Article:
A princess of the Saudi Arabian royal family Sultana Al Saud finds the oppressive treatment of women in her country intolerable Growing up as a rebellious teenager and well known for her fight against the injustices meted out against women Sultana was fortunate enough to have married a man considered somewhat progressive than most other Saudi men In the second book of the series we witness Sultana grappling with family issues as both her daughters follow a path that could lead to their destruction While secrets behind famous Saudi Arabian scandals are revealed and sensitive topics such as female circumcision are discussed with admirable comprehensiveness and insight the reader is left holding their breath and bracing themselves for the next shocking revelation A delightfully gripping page turner that is too brutal not to be real

  9. Tracy Tracy says:

    Yet again this book too was gripping I found it profoundly allureing to what motherhood might feel like for me once I get there here in America verse's Saudi Arabia I found it far uplifting than Princess but then as far as I am concered children themselves are almost alway's uplifting There were enrageing part's as well like the fact that anyone can get away with merely a slap in the face for haveing gangraped anyone such as unconcious patient in the hospital or a purchased women The mother of one of the boy's that raped the patient claim that their boy was out of him mind desperate for sex so he must be forgiven for it is not his fault Unbelievable Dispicable and I don't know what to say other than the men responsible for all this line of thinking that has continued even today should all be taken out and shot Chinese style while the family is billed the cost of the bullet And for any women who support this crap same goes Horendous horrible thing's happen all over the world includeing of course America We have serial killer's murder's rapist's and child molester's all over the world most of which have never been caught many of which have died No one can catch them all or even most of themand lock them all up and execute them althought that would be incredible Just so long as we make sure we got the right guygirl before we shoot them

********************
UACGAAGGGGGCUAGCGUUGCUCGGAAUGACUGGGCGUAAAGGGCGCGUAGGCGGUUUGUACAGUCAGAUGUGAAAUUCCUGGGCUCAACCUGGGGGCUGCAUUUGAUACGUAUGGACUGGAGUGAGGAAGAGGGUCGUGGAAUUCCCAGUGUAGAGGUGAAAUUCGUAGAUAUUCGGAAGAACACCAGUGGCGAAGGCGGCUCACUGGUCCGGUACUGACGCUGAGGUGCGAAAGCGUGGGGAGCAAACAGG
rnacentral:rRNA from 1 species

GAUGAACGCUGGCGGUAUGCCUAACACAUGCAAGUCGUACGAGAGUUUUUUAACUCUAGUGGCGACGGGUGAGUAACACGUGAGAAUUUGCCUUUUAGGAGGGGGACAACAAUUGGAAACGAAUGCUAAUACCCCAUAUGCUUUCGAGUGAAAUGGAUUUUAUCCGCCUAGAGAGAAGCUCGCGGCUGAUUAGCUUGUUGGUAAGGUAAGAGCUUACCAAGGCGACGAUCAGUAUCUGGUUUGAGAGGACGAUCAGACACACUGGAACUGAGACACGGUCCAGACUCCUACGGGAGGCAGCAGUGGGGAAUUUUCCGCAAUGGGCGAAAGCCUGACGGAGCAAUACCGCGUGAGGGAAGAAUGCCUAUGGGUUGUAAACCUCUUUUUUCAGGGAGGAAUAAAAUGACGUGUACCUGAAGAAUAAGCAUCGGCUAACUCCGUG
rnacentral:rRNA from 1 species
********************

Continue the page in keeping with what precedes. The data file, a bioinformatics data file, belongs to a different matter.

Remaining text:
10. Kristy Buzbee Kristy Buzbee says:

    The first chapter of this book actually starts when her father finds out about Princess and realizes that she must be the anonymous Saudi princess who wrote it due to personal family events that are in it and he calls a huge family meeting to throw the book at her face Very intense The majority of the book is about her three children her son Abdullah who she prays will grow to respect women and not treat them as objects her rebellious daughter Maha who suffers a mental breakdown due to the double standard of the Middle East and her younger daughter Amani who throws herself into her religion and becomes extremist saying that women are so inferior that they should be confined to the home all their lives It's very tragic to see how even though Sultana and her husband try to teach the children that the way women are treated is wrong the culture itself wreaks havoc on their minds and thoughts However it's not as depressing as it sounds; there is a lot of hope especially with Abdullah who risks everything to help a woman he knows be with the one she loves A inspiring book than the first and you can actually start to see improvement in very small degrees